A Finalist for the 2022 Kirkus Prize for Nonfiction
One of the Chicago Public Library’s Best of the Best books of 2022
A paradigm-shifting investigation of Jim Crow–era violence, the legal apparatus that sustained it, and its enduring legacy, from a renowned legal scholar.
If the law cannot protect a person from a lynching, then isn’t lynching the law?
In By Hands Now Known, Margaret A. Burnham, director of Northeastern University’s Civil Rights and Restorative Justice Project, challenges our understanding of the Jim Crow era by exploring the relationship between formal law and background legal norms in a series of harrowing cases from 1920 to 1960. From rendition, the legal process by which states make claims to other states for the return of their citizens, to battles over state and federal jurisdiction and the outsize role of local sheriffs in enforcing racial hierarchy, Burnham maps the criminal legal system in the mid-twentieth-century South, and traces the unremitting line from slavery to the legal structures of this period and through to today.
Drawing on an extensive database, collected over more than a decade and exceeding 1,000 cases of racial violence, she reveals the true legal system of Jim Crow, and captures the memories of those whose stories have not yet been heard.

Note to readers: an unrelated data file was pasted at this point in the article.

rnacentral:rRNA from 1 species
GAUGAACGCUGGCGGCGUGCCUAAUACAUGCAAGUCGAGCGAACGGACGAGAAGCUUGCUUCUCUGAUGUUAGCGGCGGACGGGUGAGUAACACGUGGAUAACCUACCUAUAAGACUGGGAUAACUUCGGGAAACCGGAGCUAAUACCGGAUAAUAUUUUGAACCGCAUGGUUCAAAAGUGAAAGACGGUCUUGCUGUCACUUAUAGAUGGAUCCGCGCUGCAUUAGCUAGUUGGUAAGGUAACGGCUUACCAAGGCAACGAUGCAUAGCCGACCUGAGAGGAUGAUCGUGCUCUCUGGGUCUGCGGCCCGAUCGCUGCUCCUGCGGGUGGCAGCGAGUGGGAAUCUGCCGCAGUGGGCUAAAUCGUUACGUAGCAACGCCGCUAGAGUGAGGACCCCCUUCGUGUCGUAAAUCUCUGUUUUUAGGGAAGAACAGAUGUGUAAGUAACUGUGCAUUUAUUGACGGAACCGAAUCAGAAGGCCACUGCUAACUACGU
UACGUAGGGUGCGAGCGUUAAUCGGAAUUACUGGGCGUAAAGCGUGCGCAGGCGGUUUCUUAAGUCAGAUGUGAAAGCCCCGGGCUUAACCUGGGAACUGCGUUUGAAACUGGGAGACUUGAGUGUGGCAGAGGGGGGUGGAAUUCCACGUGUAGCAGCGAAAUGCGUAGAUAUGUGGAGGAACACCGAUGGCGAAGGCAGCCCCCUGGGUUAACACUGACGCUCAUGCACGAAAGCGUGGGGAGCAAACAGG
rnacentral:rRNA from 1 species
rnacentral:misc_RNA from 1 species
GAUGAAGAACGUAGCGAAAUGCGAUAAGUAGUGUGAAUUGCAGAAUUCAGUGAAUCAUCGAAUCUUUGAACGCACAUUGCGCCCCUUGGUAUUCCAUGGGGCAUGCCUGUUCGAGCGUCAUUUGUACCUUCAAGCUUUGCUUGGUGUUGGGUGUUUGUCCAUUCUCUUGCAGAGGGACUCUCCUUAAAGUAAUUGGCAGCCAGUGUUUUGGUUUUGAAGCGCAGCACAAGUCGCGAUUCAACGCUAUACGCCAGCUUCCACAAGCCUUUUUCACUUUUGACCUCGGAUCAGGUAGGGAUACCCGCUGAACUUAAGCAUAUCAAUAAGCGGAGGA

About the Author
Margaret A. Burnham is the founding director of the Civil Rights and Restorative Justice Project at Northeastern University, and has been a staffer for the Student Nonviolent Coordinating Committee, a civil rights lawyer, a defense attorney, and a judge. A professor of law, she was nominated by President Biden and confirmed by the US Senate to serve on the Civil Rights Cold Case Records Review Board. She lives in Boston, Massachusetts.
[Shows] the ‘chronic, unpredictable violence’ that shaped daily life in the South.... Recounting such stories is part of the important work that this book does.... But historical retrieval is only part of Burnham’s goal with this book, which also makes a case for reparations, to pick up ‘where law has failed.’... With justice so elusive, even a simple acknowledgment of the facts is a necessary step. As some of the survivors put it when they first heard from Burnham and her team: ‘I thought I’d never get this call.’ — Jennifer Szalai - New York Times
Burnham illuminates a continuum of white supremacy.... She also examines Black Americans’ long-standing ‘practices of dissent and resistance’ and describes reparations as an ethical imperative. — The New Yorker
[A] searing indictment of the all-encompassing violence of Jim Crow and a persuasive case for long-overdue reparations.... An indispensable addition to the literature of social justice and civil rights. — Kirkus, starred review
Meticulously researched and carefully documented.... The dozens of fully fleshed out stories in this book—which are examples, of course, of countless stories left untold—add a personal element to this achingly real history. By Hands Now Known is impossible to read without being overwhelmed by the magnitude of racial violence in the U.S. in the past and persisting into the present.
— Booklist, starred review